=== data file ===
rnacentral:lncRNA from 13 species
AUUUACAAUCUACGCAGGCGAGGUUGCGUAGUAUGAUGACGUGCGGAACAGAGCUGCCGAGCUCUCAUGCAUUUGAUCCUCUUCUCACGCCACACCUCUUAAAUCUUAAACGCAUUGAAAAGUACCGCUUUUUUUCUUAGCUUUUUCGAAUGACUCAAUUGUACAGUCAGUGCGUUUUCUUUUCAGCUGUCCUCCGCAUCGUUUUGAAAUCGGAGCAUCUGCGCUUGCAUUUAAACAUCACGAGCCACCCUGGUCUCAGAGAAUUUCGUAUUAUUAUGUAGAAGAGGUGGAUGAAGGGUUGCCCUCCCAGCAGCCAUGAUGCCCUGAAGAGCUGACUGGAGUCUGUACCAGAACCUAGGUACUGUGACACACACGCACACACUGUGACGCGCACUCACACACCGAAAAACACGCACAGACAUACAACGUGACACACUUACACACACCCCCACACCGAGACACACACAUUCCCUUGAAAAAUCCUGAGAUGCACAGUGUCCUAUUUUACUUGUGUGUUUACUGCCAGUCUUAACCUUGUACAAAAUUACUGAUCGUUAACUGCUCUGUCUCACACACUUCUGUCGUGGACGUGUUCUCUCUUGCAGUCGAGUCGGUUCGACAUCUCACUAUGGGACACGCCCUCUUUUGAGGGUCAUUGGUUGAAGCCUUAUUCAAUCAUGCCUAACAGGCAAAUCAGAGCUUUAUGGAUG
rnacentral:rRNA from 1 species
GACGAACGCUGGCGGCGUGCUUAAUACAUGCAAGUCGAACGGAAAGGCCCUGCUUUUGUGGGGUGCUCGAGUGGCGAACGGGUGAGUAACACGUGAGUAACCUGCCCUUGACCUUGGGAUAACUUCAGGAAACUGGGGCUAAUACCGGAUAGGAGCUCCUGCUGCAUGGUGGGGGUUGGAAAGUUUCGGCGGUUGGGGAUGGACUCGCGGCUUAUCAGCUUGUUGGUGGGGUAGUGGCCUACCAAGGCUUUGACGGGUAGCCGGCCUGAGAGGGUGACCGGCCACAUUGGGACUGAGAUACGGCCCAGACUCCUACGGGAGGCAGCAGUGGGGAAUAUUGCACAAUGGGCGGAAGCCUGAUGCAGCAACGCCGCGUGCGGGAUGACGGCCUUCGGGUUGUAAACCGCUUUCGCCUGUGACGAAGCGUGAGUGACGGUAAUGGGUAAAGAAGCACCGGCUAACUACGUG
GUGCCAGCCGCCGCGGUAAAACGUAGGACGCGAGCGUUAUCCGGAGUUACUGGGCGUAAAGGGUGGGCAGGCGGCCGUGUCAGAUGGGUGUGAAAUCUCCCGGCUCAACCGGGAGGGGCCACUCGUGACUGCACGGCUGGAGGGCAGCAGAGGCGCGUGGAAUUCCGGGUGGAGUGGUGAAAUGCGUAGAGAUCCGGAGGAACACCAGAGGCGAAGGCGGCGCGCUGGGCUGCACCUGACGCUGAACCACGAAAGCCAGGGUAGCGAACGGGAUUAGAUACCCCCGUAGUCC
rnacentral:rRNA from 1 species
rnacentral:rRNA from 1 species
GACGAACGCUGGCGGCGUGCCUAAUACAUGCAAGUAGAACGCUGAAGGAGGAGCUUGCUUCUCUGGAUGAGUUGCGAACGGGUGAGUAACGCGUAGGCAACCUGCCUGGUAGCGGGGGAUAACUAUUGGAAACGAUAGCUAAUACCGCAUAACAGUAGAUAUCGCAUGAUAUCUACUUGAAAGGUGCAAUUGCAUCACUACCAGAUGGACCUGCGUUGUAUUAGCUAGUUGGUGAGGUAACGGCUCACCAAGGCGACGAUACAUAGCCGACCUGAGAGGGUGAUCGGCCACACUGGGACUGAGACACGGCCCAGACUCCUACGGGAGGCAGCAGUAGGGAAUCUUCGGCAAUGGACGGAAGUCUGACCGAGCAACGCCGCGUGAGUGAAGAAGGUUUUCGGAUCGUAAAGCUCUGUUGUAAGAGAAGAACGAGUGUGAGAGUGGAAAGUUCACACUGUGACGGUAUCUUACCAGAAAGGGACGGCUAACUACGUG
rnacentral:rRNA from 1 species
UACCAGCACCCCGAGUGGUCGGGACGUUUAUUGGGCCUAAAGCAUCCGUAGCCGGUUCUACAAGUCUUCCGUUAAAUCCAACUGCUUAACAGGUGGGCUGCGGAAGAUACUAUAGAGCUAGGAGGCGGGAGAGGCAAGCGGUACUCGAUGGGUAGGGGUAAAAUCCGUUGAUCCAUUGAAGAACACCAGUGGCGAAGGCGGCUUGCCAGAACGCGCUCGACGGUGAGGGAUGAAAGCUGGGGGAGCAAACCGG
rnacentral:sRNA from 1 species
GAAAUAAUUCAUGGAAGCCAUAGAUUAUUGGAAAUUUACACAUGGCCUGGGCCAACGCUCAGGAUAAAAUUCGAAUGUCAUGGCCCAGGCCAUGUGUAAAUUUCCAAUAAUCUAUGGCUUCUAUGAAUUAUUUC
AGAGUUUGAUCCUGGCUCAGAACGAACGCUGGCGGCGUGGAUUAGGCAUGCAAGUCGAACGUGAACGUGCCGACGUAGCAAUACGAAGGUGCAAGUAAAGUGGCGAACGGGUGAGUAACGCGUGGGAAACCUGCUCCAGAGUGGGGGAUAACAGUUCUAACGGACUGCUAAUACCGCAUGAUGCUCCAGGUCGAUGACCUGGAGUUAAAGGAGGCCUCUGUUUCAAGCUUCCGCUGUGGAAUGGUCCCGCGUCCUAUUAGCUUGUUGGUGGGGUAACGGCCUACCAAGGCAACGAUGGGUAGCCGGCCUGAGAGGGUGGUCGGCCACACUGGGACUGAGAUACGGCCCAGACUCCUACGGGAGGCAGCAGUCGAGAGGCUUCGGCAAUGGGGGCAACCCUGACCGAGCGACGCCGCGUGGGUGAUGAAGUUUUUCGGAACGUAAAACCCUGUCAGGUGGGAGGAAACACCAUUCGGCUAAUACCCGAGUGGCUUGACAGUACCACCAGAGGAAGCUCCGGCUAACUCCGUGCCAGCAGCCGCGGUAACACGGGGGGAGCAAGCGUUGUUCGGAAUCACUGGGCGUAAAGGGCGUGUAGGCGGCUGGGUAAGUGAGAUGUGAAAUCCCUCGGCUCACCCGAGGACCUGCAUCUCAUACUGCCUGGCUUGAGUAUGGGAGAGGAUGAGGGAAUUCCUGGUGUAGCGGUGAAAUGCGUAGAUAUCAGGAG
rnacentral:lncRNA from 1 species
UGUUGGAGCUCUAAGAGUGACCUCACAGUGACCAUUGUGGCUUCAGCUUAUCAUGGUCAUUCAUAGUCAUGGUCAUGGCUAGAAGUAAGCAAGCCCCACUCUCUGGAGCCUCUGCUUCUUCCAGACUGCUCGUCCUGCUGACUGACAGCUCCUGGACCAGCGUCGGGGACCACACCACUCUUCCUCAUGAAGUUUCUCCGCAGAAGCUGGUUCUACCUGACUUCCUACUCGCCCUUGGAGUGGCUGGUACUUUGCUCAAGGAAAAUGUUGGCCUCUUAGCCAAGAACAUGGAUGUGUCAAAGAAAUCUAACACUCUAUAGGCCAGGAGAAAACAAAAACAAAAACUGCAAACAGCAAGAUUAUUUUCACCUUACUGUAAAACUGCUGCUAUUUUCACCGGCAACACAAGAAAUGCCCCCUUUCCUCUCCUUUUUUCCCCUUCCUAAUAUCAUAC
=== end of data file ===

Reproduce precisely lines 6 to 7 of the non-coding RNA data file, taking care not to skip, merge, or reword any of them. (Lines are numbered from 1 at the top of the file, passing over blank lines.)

rnacentral:rRNA from 1 species
rnacentral:rRNA from 1 species